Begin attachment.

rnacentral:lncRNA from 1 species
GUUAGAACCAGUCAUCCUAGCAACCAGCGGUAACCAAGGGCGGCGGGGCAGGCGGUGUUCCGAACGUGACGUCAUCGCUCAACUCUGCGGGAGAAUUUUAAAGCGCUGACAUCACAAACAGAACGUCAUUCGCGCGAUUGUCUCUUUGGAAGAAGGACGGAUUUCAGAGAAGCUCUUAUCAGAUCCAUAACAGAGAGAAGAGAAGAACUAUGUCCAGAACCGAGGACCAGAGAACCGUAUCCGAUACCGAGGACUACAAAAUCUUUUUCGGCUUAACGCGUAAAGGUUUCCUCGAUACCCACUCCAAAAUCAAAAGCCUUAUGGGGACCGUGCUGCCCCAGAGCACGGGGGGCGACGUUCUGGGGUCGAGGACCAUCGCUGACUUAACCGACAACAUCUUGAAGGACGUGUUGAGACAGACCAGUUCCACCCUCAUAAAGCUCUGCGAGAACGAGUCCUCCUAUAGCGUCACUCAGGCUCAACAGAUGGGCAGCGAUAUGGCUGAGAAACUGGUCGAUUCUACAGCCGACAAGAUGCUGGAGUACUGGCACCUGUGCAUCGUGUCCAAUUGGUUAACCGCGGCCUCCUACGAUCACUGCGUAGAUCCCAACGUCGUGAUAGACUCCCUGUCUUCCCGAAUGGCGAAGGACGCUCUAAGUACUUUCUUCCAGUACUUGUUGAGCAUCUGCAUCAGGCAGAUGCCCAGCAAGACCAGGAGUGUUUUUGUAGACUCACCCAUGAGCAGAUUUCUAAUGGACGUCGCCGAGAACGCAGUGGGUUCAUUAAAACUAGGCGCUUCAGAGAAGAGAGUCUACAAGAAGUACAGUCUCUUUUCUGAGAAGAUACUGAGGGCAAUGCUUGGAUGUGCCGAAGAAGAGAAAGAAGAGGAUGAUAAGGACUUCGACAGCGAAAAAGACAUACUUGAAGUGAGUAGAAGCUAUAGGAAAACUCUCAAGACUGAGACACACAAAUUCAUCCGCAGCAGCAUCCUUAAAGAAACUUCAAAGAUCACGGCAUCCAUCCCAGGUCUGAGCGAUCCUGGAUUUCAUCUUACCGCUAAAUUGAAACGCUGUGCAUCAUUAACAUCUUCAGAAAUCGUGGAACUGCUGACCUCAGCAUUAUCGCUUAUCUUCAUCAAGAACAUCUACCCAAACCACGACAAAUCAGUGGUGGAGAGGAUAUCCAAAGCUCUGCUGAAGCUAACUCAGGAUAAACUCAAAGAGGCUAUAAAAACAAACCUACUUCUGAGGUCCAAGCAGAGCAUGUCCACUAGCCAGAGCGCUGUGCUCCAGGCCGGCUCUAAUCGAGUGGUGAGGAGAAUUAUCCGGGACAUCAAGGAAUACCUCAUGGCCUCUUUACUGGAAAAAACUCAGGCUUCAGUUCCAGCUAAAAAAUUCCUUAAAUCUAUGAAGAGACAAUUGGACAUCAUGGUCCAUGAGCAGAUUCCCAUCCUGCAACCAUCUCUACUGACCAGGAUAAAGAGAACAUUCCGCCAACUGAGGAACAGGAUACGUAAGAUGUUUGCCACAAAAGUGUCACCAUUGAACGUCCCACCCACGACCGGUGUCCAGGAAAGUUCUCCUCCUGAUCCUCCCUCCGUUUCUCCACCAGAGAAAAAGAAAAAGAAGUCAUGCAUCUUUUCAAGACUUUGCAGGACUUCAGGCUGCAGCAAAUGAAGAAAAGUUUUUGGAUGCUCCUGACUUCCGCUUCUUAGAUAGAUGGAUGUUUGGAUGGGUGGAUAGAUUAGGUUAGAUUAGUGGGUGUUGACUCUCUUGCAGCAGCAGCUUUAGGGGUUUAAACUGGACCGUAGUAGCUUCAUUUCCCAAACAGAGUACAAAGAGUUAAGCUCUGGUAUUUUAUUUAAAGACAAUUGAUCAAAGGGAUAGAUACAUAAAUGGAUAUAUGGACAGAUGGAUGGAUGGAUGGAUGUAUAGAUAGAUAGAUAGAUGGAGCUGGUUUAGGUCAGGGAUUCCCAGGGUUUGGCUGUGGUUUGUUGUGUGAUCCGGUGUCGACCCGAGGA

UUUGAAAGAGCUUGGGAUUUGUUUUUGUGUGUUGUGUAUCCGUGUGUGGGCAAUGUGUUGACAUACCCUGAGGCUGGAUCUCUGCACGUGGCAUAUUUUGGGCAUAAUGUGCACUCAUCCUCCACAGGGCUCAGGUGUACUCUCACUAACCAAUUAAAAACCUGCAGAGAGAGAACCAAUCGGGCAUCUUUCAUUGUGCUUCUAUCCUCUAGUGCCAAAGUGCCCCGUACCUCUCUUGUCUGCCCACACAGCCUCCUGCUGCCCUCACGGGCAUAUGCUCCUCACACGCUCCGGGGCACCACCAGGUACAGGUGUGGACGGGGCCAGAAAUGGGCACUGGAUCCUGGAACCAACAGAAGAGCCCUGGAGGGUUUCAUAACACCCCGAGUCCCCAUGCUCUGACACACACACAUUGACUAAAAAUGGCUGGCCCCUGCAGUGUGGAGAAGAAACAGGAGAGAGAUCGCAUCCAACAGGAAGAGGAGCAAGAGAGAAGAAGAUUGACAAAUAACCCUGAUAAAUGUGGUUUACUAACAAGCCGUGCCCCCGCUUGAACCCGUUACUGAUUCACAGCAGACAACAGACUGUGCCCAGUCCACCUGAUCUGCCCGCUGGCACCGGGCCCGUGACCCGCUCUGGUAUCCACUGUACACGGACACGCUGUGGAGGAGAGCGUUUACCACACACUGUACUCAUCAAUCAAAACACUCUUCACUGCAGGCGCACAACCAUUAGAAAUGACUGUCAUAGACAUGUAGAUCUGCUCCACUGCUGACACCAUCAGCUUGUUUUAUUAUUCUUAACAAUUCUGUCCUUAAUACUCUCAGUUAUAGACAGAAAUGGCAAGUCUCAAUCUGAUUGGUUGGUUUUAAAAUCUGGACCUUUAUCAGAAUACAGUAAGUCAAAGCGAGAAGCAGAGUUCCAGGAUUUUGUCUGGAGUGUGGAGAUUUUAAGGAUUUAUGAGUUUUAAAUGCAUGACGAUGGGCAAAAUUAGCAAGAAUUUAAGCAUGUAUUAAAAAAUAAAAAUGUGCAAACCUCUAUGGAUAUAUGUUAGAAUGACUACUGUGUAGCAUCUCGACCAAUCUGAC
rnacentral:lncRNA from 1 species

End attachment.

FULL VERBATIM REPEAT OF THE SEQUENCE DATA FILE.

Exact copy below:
rnacentral:lncRNA from 1 species
GUUAGAACCAGUCAUCCUAGCAACCAGCGGUAACCAAGGGCGGCGGGGCAGGCGGUGUUCCGAACGUGACGUCAUCGCUCAACUCUGCGGGAGAAUUUUAAAGCGCUGACAUCACAAACAGAACGUCAUUCGCGCGAUUGUCUCUUUGGAAGAAGGACGGAUUUCAGAGAAGCUCUUAUCAGAUCCAUAACAGAGAGAAGAGAAGAACUAUGUCCAGAACCGAGGACCAGAGAACCGUAUCCGAUACCGAGGACUACAAAAUCUUUUUCGGCUUAACGCGUAAAGGUUUCCUCGAUACCCACUCCAAAAUCAAAAGCCUUAUGGGGACCGUGCUGCCCCAGAGCACGGGGGGCGACGUUCUGGGGUCGAGGACCAUCGCUGACUUAACCGACAACAUCUUGAAGGACGUGUUGAGACAGACCAGUUCCACCCUCAUAAAGCUCUGCGAGAACGAGUCCUCCUAUAGCGUCACUCAGGCUCAACAGAUGGGCAGCGAUAUGGCUGAGAAACUGGUCGAUUCUACAGCCGACAAGAUGCUGGAGUACUGGCACCUGUGCAUCGUGUCCAAUUGGUUAACCGCGGCCUCCUACGAUCACUGCGUAGAUCCCAACGUCGUGAUAGACUCCCUGUCUUCCCGAAUGGCGAAGGACGCUCUAAGUACUUUCUUCCAGUACUUGUUGAGCAUCUGCAUCAGGCAGAUGCCCAGCAAGACCAGGAGUGUUUUUGUAGACUCACCCAUGAGCAGAUUUCUAAUGGACGUCGCCGAGAACGCAGUGGGUUCAUUAAAACUAGGCGCUUCAGAGAAGAGAGUCUACAAGAAGUACAGUCUCUUUUCUGAGAAGAUACUGAGGGCAAUGCUUGGAUGUGCCGAAGAAGAGAAAGAAGAGGAUGAUAAGGACUUCGACAGCGAAAAAGACAUACUUGAAGUGAGUAGAAGCUAUAGGAAAACUCUCAAGACUGAGACACACAAAUUCAUCCGCAGCAGCAUCCUUAAAGAAACUUCAAAGAUCACGGCAUCCAUCCCAGGUCUGAGCGAUCCUGGAUUUCAUCUUACCGCUAAAUUGAAACGCUGUGCAUCAUUAACAUCUUCAGAAAUCGUGGAACUGCUGACCUCAGCAUUAUCGCUUAUCUUCAUCAAGAACAUCUACCCAAACCACGACAAAUCAGUGGUGGAGAGGAUAUCCAAAGCUCUGCUGAAGCUAACUCAGGAUAAACUCAAAGAGGCUAUAAAAACAAACCUACUUCUGAGGUCCAAGCAGAGCAUGUCCACUAGCCAGAGCGCUGUGCUCCAGGCCGGCUCUAAUCGAGUGGUGAGGAGAAUUAUCCGGGACAUCAAGGAAUACCUCAUGGCCUCUUUACUGGAAAAAACUCAGGCUUCAGUUCCAGCUAAAAAAUUCCUUAAAUCUAUGAAGAGACAAUUGGACAUCAUGGUCCAUGAGCAGAUUCCCAUCCUGCAACCAUCUCUACUGACCAGGAUAAAGAGAACAUUCCGCCAACUGAGGAACAGGAUACGUAAGAUGUUUGCCACAAAAGUGUCACCAUUGAACGUCCCACCCACGACCGGUGUCCAGGAAAGUUCUCCUCCUGAUCCUCCCUCCGUUUCUCCACCAGAGAAAAAGAAAAAGAAGUCAUGCAUCUUUUCAAGACUUUGCAGGACUUCAGGCUGCAGCAAAUGAAGAAAAGUUUUUGGAUGCUCCUGACUUCCGCUUCUUAGAUAGAUGGAUGUUUGGAUGGGUGGAUAGAUUAGGUUAGAUUAGUGGGUGUUGACUCUCUUGCAGCAGCAGCUUUAGGGGUUUAAACUGGACCGUAGUAGCUUCAUUUCCCAAACAGAGUACAAAGAGUUAAGCUCUGGUAUUUUAUUUAAAGACAAUUGAUCAAAGGGAUAGAUACAUAAAUGGAUAUAUGGACAGAUGGAUGGAUGGAUGGAUGUAUAGAUAGAUAGAUAGAUGGAGCUGGUUUAGGUCAGGGAUUCCCAGGGUUUGGCUGUGGUUUGUUGUGUGAUCCGGUGUCGACCCGAGGA

UUUGAAAGAGCUUGGGAUUUGUUUUUGUGUGUUGUGUAUCCGUGUGUGGGCAAUGUGUUGACAUACCCUGAGGCUGGAUCUCUGCACGUGGCAUAUUUUGGGCAUAAUGUGCACUCAUCCUCCACAGGGCUCAGGUGUACUCUCACUAACCAAUUAAAAACCUGCAGAGAGAGAACCAAUCGGGCAUCUUUCAUUGUGCUUCUAUCCUCUAGUGCCAAAGUGCCCCGUACCUCUCUUGUCUGCCCACACAGCCUCCUGCUGCCCUCACGGGCAUAUGCUCCUCACACGCUCCGGGGCACCACCAGGUACAGGUGUGGACGGGGCCAGAAAUGGGCACUGGAUCCUGGAACCAACAGAAGAGCCCUGGAGGGUUUCAUAACACCCCGAGUCCCCAUGCUCUGACACACACACAUUGACUAAAAAUGGCUGGCCCCUGCAGUGUGGAGAAGAAACAGGAGAGAGAUCGCAUCCAACAGGAAGAGGAGCAAGAGAGAAGAAGAUUGACAAAUAACCCUGAUAAAUGUGGUUUACUAACAAGCCGUGCCCCCGCUUGAACCCGUUACUGAUUCACAGCAGACAACAGACUGUGCCCAGUCCACCUGAUCUGCCCGCUGGCACCGGGCCCGUGACCCGCUCUGGUAUCCACUGUACACGGACACGCUGUGGAGGAGAGCGUUUACCACACACUGUACUCAUCAAUCAAAACACUCUUCACUGCAGGCGCACAACCAUUAGAAAUGACUGUCAUAGACAUGUAGAUCUGCUCCACUGCUGACACCAUCAGCUUGUUUUAUUAUUCUUAACAAUUCUGUCCUUAAUACUCUCAGUUAUAGACAGAAAUGGCAAGUCUCAAUCUGAUUGGUUGGUUUUAAAAUCUGGACCUUUAUCAGAAUACAGUAAGUCAAAGCGAGAAGCAGAGUUCCAGGAUUUUGUCUGGAGUGUGGAGAUUUUAAGGAUUUAUGAGUUUUAAAUGCAUGACGAUGGGCAAAAUUAGCAAGAAUUUAAGCAUGUAUUAAAAAAUAAAAAUGUGCAAACCUCUAUGGAUAUAUGUUAGAAUGACUACUGUGUAGCAUCUCGACCAAUCUGAC
rnacentral:lncRNA from 1 species